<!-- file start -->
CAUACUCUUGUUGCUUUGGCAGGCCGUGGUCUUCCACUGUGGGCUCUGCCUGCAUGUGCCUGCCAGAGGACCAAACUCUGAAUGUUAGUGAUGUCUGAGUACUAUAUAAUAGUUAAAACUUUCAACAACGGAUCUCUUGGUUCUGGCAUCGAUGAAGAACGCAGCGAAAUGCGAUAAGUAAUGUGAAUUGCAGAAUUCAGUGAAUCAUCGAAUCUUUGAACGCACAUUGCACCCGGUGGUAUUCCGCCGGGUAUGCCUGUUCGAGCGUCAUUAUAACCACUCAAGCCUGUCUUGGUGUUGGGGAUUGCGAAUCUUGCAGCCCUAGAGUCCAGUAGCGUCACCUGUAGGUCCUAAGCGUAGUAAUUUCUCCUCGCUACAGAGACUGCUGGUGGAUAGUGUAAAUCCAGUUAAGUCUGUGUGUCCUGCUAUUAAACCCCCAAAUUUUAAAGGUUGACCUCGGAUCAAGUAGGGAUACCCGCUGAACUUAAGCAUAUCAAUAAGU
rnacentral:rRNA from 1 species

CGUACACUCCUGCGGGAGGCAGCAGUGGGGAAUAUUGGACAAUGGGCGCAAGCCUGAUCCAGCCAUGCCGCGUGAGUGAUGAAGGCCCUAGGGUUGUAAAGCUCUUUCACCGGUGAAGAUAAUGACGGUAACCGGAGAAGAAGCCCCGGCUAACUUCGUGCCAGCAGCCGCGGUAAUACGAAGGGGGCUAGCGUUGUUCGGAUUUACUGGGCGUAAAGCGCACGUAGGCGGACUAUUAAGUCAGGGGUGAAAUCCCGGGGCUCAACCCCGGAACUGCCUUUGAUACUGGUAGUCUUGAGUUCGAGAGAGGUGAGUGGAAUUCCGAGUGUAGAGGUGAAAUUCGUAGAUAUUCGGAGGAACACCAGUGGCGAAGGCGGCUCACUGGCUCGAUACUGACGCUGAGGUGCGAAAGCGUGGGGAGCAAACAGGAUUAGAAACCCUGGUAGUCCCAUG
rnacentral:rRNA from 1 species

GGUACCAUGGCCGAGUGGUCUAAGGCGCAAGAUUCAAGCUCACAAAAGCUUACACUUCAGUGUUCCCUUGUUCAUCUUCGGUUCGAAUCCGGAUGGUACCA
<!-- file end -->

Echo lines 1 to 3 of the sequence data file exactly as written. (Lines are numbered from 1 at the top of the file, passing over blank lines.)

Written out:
CAUACUCUUGUUGCUUUGGCAGGCCGUGGUCUUCCACUGUGGGCUCUGCCUGCAUGUGCCUGCCAGAGGACCAAACUCUGAAUGUUAGUGAUGUCUGAGUACUAUAUAAUAGUUAAAACUUUCAACAACGGAUCUCUUGGUUCUGGCAUCGAUGAAGAACGCAGCGAAAUGCGAUAAGUAAUGUGAAUUGCAGAAUUCAGUGAAUCAUCGAAUCUUUGAACGCACAUUGCACCCGGUGGUAUUCCGCCGGGUAUGCCUGUUCGAGCGUCAUUAUAACCACUCAAGCCUGUCUUGGUGUUGGGGAUUGCGAAUCUUGCAGCCCUAGAGUCCAGUAGCGUCACCUGUAGGUCCUAAGCGUAGUAAUUUCUCCUCGCUACAGAGACUGCUGGUGGAUAGUGUAAAUCCAGUUAAGUCUGUGUGUCCUGCUAUUAAACCCCCAAAUUUUAAAGGUUGACCUCGGAUCAAGUAGGGAUACCCGCUGAACUUAAGCAUAUCAAUAAGU
rnacentral:rRNA from 1 species

CGUACACUCCUGCGGGAGGCAGCAGUGGGGAAUAUUGGACAAUGGGCGCAAGCCUGAUCCAGCCAUGCCGCGUGAGUGAUGAAGGCCCUAGGGUUGUAAAGCUCUUUCACCGGUGAAGAUAAUGACGGUAACCGGAGAAGAAGCCCCGGCUAACUUCGUGCCAGCAGCCGCGGUAAUACGAAGGGGGCUAGCGUUGUUCGGAUUUACUGGGCGUAAAGCGCACGUAGGCGGACUAUUAAGUCAGGGGUGAAAUCCCGGGGCUCAACCCCGGAACUGCCUUUGAUACUGGUAGUCUUGAGUUCGAGAGAGGUGAGUGGAAUUCCGAGUGUAGAGGUGAAAUUCGUAGAUAUUCGGAGGAACACCAGUGGCGAAGGCGGCUCACUGGCUCGAUACUGACGCUGAGGUGCGAAAGCGUGGGGAGCAAACAGGAUUAGAAACCCUGGUAGUCCCAUG